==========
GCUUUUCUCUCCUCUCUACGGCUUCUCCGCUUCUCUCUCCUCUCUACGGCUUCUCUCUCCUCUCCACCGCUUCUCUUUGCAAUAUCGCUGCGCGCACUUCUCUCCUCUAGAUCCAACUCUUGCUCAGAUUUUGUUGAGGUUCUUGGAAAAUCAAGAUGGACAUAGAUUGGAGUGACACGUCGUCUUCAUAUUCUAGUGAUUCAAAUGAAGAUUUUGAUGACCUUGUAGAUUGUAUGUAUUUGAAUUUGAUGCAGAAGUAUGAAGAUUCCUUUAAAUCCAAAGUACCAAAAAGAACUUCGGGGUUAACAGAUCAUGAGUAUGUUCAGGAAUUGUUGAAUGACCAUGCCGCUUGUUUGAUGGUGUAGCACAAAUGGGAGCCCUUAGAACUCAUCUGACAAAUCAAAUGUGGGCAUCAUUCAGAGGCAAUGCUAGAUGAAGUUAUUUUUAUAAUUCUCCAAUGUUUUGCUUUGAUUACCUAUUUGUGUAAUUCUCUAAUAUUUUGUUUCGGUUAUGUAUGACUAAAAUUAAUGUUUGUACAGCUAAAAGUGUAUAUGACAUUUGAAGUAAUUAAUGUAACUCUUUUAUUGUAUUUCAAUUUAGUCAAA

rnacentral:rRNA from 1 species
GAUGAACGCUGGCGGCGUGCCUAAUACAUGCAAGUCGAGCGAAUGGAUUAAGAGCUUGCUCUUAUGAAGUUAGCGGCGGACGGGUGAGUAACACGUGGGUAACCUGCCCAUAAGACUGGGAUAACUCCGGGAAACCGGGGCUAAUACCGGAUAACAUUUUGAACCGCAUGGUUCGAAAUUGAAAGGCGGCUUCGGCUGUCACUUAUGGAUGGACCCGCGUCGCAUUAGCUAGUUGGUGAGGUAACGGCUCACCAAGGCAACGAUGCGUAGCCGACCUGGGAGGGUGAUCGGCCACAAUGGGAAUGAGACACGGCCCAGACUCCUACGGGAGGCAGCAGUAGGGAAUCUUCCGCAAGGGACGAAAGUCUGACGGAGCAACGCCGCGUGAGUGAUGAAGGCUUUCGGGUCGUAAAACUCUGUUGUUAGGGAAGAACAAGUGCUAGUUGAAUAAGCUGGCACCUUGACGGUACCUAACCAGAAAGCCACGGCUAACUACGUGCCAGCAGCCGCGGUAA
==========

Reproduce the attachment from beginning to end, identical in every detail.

GCUUUUCUCUCCUCUCUACGGCUUCUCCGCUUCUCUCUCCUCUCUACGGCUUCUCUCUCCUCUCCACCGCUUCUCUUUGCAAUAUCGCUGCGCGCACUUCUCUCCUCUAGAUCCAACUCUUGCUCAGAUUUUGUUGAGGUUCUUGGAAAAUCAAGAUGGACAUAGAUUGGAGUGACACGUCGUCUUCAUAUUCUAGUGAUUCAAAUGAAGAUUUUGAUGACCUUGUAGAUUGUAUGUAUUUGAAUUUGAUGCAGAAGUAUGAAGAUUCCUUUAAAUCCAAAGUACCAAAAAGAACUUCGGGGUUAACAGAUCAUGAGUAUGUUCAGGAAUUGUUGAAUGACCAUGCCGCUUGUUUGAUGGUGUAGCACAAAUGGGAGCCCUUAGAACUCAUCUGACAAAUCAAAUGUGGGCAUCAUUCAGAGGCAAUGCUAGAUGAAGUUAUUUUUAUAAUUCUCCAAUGUUUUGCUUUGAUUACCUAUUUGUGUAAUUCUCUAAUAUUUUGUUUCGGUUAUGUAUGACUAAAAUUAAUGUUUGUACAGCUAAAAGUGUAUAUGACAUUUGAAGUAAUUAAUGUAACUCUUUUAUUGUAUUUCAAUUUAGUCAAA

rnacentral:rRNA from 1 species
GAUGAACGCUGGCGGCGUGCCUAAUACAUGCAAGUCGAGCGAAUGGAUUAAGAGCUUGCUCUUAUGAAGUUAGCGGCGGACGGGUGAGUAACACGUGGGUAACCUGCCCAUAAGACUGGGAUAACUCCGGGAAACCGGGGCUAAUACCGGAUAACAUUUUGAACCGCAUGGUUCGAAAUUGAAAGGCGGCUUCGGCUGUCACUUAUGGAUGGACCCGCGUCGCAUUAGCUAGUUGGUGAGGUAACGGCUCACCAAGGCAACGAUGCGUAGCCGACCUGGGAGGGUGAUCGGCCACAAUGGGAAUGAGACACGGCCCAGACUCCUACGGGAGGCAGCAGUAGGGAAUCUUCCGCAAGGGACGAAAGUCUGACGGAGCAACGCCGCGUGAGUGAUGAAGGCUUUCGGGUCGUAAAACUCUGUUGUUAGGGAAGAACAAGUGCUAGUUGAAUAAGCUGGCACCUUGACGGUACCUAACCAGAAAGCCACGGCUAACUACGUGCCAGCAGCCGCGGUAA